Companies ask to block Attorney General on internet contract

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BOISE, Idaho (AP) — Two internet companies are asking a federal judge to block the state's attorney general from forcing them to return millions of dollars paid under a cancelled state broadband contract.

Education Networks of America Inc. and CenturyLink Communications LLC first filed their lawsuits in federal court in August, where they argued that the state owed them more than $37 million in back payments and damages.

Shortly after the announcement of the federal lawsuits, Attorney General Lawrence Wasden filed a separate lawsuit in state court demanding that actually the vendors needed to return tax dollars paid to them under the illegal deal. Those two companies have since amended their federal complaints to request that Wasden be prohibited from interfering with their payment recovery.

"This action seeks to enjoin the state of Idaho from attempting to collect from the plaintiff sums paid to the plaintiff for services that the state admits that it owed, which payments were approved by the state," wrote Phillip Oberrecht, a Boise attorney representing ENA, in the lawsuit filed Oct. 17.

In November, CenturyLink filed a similar amended complaint.

So far, Wasden's office has only responded in court filings to ENA's new lawsuit. A spokesman for Wasden declined to comment Wednesday because of the pending litigation.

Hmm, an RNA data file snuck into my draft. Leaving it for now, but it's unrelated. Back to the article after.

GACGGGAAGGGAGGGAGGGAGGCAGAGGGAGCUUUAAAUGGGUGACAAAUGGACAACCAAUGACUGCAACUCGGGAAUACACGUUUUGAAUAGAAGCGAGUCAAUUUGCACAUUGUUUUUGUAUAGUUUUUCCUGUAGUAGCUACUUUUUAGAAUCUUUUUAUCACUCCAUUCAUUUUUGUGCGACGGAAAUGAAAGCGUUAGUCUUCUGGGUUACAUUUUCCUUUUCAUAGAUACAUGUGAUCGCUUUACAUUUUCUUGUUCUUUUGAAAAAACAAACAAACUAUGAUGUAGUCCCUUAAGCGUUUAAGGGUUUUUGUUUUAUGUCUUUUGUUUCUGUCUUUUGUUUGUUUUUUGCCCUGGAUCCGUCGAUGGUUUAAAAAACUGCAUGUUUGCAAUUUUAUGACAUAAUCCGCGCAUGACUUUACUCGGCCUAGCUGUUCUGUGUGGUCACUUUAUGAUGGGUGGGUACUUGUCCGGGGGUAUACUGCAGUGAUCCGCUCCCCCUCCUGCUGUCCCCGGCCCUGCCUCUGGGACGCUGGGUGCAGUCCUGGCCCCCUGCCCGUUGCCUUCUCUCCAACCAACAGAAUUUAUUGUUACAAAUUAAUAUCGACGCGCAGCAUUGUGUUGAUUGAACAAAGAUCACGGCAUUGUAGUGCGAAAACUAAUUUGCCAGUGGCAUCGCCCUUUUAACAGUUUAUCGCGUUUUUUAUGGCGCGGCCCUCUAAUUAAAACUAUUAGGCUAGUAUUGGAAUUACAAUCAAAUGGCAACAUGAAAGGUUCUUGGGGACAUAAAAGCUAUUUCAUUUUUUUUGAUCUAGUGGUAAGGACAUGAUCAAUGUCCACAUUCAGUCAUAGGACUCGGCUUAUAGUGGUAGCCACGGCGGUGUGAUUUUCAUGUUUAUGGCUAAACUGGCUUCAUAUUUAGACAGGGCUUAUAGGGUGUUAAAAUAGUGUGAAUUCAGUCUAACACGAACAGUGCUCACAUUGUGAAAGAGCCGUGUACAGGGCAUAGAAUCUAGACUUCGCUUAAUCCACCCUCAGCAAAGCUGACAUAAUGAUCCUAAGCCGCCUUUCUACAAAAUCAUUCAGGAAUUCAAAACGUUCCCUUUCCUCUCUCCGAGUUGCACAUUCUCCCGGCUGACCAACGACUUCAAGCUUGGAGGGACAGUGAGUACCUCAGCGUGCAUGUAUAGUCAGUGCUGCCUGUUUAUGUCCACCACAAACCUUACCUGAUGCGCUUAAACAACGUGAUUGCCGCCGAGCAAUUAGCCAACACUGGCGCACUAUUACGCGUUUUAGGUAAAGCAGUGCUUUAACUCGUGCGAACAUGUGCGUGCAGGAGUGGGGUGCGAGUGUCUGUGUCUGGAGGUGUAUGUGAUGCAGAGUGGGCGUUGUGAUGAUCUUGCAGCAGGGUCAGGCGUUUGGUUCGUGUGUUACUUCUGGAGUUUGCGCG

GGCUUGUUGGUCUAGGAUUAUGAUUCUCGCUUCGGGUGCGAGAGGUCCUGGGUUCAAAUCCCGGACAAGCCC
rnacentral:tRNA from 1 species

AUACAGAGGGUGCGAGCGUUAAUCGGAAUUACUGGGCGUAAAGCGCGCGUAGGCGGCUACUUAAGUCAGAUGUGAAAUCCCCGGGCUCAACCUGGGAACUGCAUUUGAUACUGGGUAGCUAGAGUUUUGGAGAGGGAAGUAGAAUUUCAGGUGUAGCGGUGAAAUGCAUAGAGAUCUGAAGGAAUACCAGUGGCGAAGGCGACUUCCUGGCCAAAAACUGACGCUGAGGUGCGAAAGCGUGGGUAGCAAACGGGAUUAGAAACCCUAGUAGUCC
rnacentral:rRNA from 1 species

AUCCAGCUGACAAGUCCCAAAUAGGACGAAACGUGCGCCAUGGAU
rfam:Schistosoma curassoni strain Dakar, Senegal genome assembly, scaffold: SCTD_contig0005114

"Idaho courts should decide whether Idaho law requires ENA to return state funds it received, and whether it permits ENA to collect any additional money from the state," wrote Scott Zanzig, a deputy attorney general, in a Dec. 12 response. "This court should not enjoin that process based on ENA's speculative fear that it might result in a judgment adverse to ENA."

U.S. District Court Judge B. Lynn Winmill is scheduled to consider ENA's request in early January.

The companies argue they deserve repayment for unpaid work because the contract was deemed void because of the state's action and through no fault of their own. However, Wasden has maintained that the Idaho Supreme Court ruled that the state is required to recover tax dollars paid to the companies under the illegal deal.

If the companies win, Idaho could face an even bigger price tag for the failed statewide broadband plan. Taxpayers have already paid out more than $29 million for the project.

Lawmakers had previously hoped to settle the claims for $8 million, but those efforts were scuttled when the state Supreme Court agreed that the contract with the companies was void.

The $60 million broadband program was created in 2008 in hopes of bringing a single high-speed internet system to all schools across the state. It has since been dismantled, leaving individual school districts to secure their own high-speed internet.

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